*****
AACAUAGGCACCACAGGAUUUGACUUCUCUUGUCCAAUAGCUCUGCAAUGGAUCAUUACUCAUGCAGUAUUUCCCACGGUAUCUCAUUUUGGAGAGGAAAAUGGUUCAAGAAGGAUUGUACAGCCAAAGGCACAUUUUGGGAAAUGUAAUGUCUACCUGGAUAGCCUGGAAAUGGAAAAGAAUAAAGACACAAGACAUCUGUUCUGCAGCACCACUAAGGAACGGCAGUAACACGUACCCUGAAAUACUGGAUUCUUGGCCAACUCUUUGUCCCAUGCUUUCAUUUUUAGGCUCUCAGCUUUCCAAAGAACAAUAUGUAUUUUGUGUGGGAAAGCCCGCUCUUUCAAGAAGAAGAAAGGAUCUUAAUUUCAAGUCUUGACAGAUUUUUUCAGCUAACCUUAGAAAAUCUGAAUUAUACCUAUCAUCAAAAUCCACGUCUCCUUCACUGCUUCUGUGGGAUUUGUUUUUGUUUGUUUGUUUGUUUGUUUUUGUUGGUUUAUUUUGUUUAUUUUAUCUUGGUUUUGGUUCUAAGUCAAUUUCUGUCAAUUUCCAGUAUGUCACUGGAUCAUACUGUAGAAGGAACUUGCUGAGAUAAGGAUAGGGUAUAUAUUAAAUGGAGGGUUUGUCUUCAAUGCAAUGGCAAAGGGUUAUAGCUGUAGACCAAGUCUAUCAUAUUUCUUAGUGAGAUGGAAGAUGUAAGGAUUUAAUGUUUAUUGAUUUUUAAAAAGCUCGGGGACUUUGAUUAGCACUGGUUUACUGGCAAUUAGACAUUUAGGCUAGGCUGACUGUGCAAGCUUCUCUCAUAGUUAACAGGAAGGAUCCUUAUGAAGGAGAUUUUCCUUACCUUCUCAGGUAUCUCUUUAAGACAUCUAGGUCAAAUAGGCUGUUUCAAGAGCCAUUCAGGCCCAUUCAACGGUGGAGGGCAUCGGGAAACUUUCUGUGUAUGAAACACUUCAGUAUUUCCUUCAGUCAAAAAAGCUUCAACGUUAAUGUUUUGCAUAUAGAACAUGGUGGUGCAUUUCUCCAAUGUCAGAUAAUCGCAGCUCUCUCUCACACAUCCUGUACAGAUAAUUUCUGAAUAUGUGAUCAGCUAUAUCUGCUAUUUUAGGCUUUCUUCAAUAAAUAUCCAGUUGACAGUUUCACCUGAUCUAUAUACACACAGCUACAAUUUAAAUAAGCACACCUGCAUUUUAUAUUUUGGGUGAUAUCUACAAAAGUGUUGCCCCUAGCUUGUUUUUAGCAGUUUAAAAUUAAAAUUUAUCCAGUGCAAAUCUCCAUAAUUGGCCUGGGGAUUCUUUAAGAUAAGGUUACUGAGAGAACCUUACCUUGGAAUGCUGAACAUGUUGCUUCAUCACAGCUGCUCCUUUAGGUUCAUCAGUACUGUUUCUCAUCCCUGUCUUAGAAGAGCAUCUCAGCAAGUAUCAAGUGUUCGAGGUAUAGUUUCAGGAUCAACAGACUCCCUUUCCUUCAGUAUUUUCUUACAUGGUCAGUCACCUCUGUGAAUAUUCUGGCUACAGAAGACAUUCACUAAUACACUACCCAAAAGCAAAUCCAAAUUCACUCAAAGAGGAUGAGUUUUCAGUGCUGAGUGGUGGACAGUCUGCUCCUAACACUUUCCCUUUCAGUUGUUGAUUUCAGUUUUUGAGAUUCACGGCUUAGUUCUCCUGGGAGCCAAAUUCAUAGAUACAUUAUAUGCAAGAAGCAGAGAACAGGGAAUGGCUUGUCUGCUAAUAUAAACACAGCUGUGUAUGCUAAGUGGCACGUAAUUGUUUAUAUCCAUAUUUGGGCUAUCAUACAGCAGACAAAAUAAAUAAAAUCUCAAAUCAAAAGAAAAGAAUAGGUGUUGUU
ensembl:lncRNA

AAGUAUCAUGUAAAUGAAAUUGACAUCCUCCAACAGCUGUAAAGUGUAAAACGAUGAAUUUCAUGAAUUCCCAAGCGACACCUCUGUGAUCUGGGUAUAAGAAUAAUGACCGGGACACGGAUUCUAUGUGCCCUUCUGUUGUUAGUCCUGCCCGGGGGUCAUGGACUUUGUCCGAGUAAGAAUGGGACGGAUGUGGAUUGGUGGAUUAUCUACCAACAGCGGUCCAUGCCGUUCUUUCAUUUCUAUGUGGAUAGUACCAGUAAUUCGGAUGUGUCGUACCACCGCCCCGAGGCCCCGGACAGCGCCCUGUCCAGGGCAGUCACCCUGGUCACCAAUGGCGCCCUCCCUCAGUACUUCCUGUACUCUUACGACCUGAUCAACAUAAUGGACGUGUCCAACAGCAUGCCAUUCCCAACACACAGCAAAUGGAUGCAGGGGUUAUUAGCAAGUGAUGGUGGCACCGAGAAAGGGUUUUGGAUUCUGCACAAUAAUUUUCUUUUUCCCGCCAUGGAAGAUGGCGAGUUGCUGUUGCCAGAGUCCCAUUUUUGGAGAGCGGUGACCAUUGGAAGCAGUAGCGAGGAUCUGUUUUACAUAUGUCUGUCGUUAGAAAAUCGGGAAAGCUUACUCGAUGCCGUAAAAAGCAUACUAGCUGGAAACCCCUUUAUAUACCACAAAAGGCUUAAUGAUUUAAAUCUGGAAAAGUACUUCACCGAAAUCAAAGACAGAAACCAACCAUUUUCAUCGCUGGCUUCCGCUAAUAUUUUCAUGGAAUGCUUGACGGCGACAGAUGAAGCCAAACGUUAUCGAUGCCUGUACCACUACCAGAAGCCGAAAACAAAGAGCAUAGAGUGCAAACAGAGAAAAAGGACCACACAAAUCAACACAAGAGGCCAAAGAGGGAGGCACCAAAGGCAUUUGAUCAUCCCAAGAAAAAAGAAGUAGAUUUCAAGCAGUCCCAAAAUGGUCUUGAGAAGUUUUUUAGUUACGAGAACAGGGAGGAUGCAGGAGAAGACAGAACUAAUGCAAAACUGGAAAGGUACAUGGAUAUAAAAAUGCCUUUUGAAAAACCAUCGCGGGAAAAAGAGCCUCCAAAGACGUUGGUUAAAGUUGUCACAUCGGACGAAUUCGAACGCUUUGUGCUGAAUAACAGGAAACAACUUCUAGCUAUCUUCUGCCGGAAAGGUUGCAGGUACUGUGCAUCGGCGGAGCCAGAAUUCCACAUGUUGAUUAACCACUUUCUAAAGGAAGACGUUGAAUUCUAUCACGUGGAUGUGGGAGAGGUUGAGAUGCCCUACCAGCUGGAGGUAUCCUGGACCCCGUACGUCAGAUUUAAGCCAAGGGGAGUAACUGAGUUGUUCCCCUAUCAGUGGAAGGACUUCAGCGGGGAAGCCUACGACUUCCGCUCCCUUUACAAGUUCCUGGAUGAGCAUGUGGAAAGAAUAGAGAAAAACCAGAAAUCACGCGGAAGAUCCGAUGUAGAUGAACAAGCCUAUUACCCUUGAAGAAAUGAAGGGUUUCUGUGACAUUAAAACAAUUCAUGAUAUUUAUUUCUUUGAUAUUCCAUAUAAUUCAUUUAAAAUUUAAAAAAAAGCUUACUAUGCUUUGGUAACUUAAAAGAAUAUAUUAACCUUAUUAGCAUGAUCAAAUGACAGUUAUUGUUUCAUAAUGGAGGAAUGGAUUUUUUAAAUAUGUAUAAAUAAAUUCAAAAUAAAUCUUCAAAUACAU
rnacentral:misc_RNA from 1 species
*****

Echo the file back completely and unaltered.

AACAUAGGCACCACAGGAUUUGACUUCUCUUGUCCAAUAGCUCUGCAAUGGAUCAUUACUCAUGCAGUAUUUCCCACGGUAUCUCAUUUUGGAGAGGAAAAUGGUUCAAGAAGGAUUGUACAGCCAAAGGCACAUUUUGGGAAAUGUAAUGUCUACCUGGAUAGCCUGGAAAUGGAAAAGAAUAAAGACACAAGACAUCUGUUCUGCAGCACCACUAAGGAACGGCAGUAACACGUACCCUGAAAUACUGGAUUCUUGGCCAACUCUUUGUCCCAUGCUUUCAUUUUUAGGCUCUCAGCUUUCCAAAGAACAAUAUGUAUUUUGUGUGGGAAAGCCCGCUCUUUCAAGAAGAAGAAAGGAUCUUAAUUUCAAGUCUUGACAGAUUUUUUCAGCUAACCUUAGAAAAUCUGAAUUAUACCUAUCAUCAAAAUCCACGUCUCCUUCACUGCUUCUGUGGGAUUUGUUUUUGUUUGUUUGUUUGUUUGUUUUUGUUGGUUUAUUUUGUUUAUUUUAUCUUGGUUUUGGUUCUAAGUCAAUUUCUGUCAAUUUCCAGUAUGUCACUGGAUCAUACUGUAGAAGGAACUUGCUGAGAUAAGGAUAGGGUAUAUAUUAAAUGGAGGGUUUGUCUUCAAUGCAAUGGCAAAGGGUUAUAGCUGUAGACCAAGUCUAUCAUAUUUCUUAGUGAGAUGGAAGAUGUAAGGAUUUAAUGUUUAUUGAUUUUUAAAAAGCUCGGGGACUUUGAUUAGCACUGGUUUACUGGCAAUUAGACAUUUAGGCUAGGCUGACUGUGCAAGCUUCUCUCAUAGUUAACAGGAAGGAUCCUUAUGAAGGAGAUUUUCCUUACCUUCUCAGGUAUCUCUUUAAGACAUCUAGGUCAAAUAGGCUGUUUCAAGAGCCAUUCAGGCCCAUUCAACGGUGGAGGGCAUCGGGAAACUUUCUGUGUAUGAAACACUUCAGUAUUUCCUUCAGUCAAAAAAGCUUCAACGUUAAUGUUUUGCAUAUAGAACAUGGUGGUGCAUUUCUCCAAUGUCAGAUAAUCGCAGCUCUCUCUCACACAUCCUGUACAGAUAAUUUCUGAAUAUGUGAUCAGCUAUAUCUGCUAUUUUAGGCUUUCUUCAAUAAAUAUCCAGUUGACAGUUUCACCUGAUCUAUAUACACACAGCUACAAUUUAAAUAAGCACACCUGCAUUUUAUAUUUUGGGUGAUAUCUACAAAAGUGUUGCCCCUAGCUUGUUUUUAGCAGUUUAAAAUUAAAAUUUAUCCAGUGCAAAUCUCCAUAAUUGGCCUGGGGAUUCUUUAAGAUAAGGUUACUGAGAGAACCUUACCUUGGAAUGCUGAACAUGUUGCUUCAUCACAGCUGCUCCUUUAGGUUCAUCAGUACUGUUUCUCAUCCCUGUCUUAGAAGAGCAUCUCAGCAAGUAUCAAGUGUUCGAGGUAUAGUUUCAGGAUCAACAGACUCCCUUUCCUUCAGUAUUUUCUUACAUGGUCAGUCACCUCUGUGAAUAUUCUGGCUACAGAAGACAUUCACUAAUACACUACCCAAAAGCAAAUCCAAAUUCACUCAAAGAGGAUGAGUUUUCAGUGCUGAGUGGUGGACAGUCUGCUCCUAACACUUUCCCUUUCAGUUGUUGAUUUCAGUUUUUGAGAUUCACGGCUUAGUUCUCCUGGGAGCCAAAUUCAUAGAUACAUUAUAUGCAAGAAGCAGAGAACAGGGAAUGGCUUGUCUGCUAAUAUAAACACAGCUGUGUAUGCUAAGUGGCACGUAAUUGUUUAUAUCCAUAUUUGGGCUAUCAUACAGCAGACAAAAUAAAUAAAAUCUCAAAUCAAAAGAAAAGAAUAGGUGUUGUU
ensembl:lncRNA

AAGUAUCAUGUAAAUGAAAUUGACAUCCUCCAACAGCUGUAAAGUGUAAAACGAUGAAUUUCAUGAAUUCCCAAGCGACACCUCUGUGAUCUGGGUAUAAGAAUAAUGACCGGGACACGGAUUCUAUGUGCCCUUCUGUUGUUAGUCCUGCCCGGGGGUCAUGGACUUUGUCCGAGUAAGAAUGGGACGGAUGUGGAUUGGUGGAUUAUCUACCAACAGCGGUCCAUGCCGUUCUUUCAUUUCUAUGUGGAUAGUACCAGUAAUUCGGAUGUGUCGUACCACCGCCCCGAGGCCCCGGACAGCGCCCUGUCCAGGGCAGUCACCCUGGUCACCAAUGGCGCCCUCCCUCAGUACUUCCUGUACUCUUACGACCUGAUCAACAUAAUGGACGUGUCCAACAGCAUGCCAUUCCCAACACACAGCAAAUGGAUGCAGGGGUUAUUAGCAAGUGAUGGUGGCACCGAGAAAGGGUUUUGGAUUCUGCACAAUAAUUUUCUUUUUCCCGCCAUGGAAGAUGGCGAGUUGCUGUUGCCAGAGUCCCAUUUUUGGAGAGCGGUGACCAUUGGAAGCAGUAGCGAGGAUCUGUUUUACAUAUGUCUGUCGUUAGAAAAUCGGGAAAGCUUACUCGAUGCCGUAAAAAGCAUACUAGCUGGAAACCCCUUUAUAUACCACAAAAGGCUUAAUGAUUUAAAUCUGGAAAAGUACUUCACCGAAAUCAAAGACAGAAACCAACCAUUUUCAUCGCUGGCUUCCGCUAAUAUUUUCAUGGAAUGCUUGACGGCGACAGAUGAAGCCAAACGUUAUCGAUGCCUGUACCACUACCAGAAGCCGAAAACAAAGAGCAUAGAGUGCAAACAGAGAAAAAGGACCACACAAAUCAACACAAGAGGCCAAAGAGGGAGGCACCAAAGGCAUUUGAUCAUCCCAAGAAAAAAGAAGUAGAUUUCAAGCAGUCCCAAAAUGGUCUUGAGAAGUUUUUUAGUUACGAGAACAGGGAGGAUGCAGGAGAAGACAGAACUAAUGCAAAACUGGAAAGGUACAUGGAUAUAAAAAUGCCUUUUGAAAAACCAUCGCGGGAAAAAGAGCCUCCAAAGACGUUGGUUAAAGUUGUCACAUCGGACGAAUUCGAACGCUUUGUGCUGAAUAACAGGAAACAACUUCUAGCUAUCUUCUGCCGGAAAGGUUGCAGGUACUGUGCAUCGGCGGAGCCAGAAUUCCACAUGUUGAUUAACCACUUUCUAAAGGAAGACGUUGAAUUCUAUCACGUGGAUGUGGGAGAGGUUGAGAUGCCCUACCAGCUGGAGGUAUCCUGGACCCCGUACGUCAGAUUUAAGCCAAGGGGAGUAACUGAGUUGUUCCCCUAUCAGUGGAAGGACUUCAGCGGGGAAGCCUACGACUUCCGCUCCCUUUACAAGUUCCUGGAUGAGCAUGUGGAAAGAAUAGAGAAAAACCAGAAAUCACGCGGAAGAUCCGAUGUAGAUGAACAAGCCUAUUACCCUUGAAGAAAUGAAGGGUUUCUGUGACAUUAAAACAAUUCAUGAUAUUUAUUUCUUUGAUAUUCCAUAUAAUUCAUUUAAAAUUUAAAAAAAAGCUUACUAUGCUUUGGUAACUUAAAAGAAUAUAUUAACCUUAUUAGCAUGAUCAAAUGACAGUUAUUGUUUCAUAAUGGAGGAAUGGAUUUUUUAAAUAUGUAUAAAUAAAUUCAAAAUAAAUCUUCAAAUACAU
rnacentral:misc_RNA from 1 species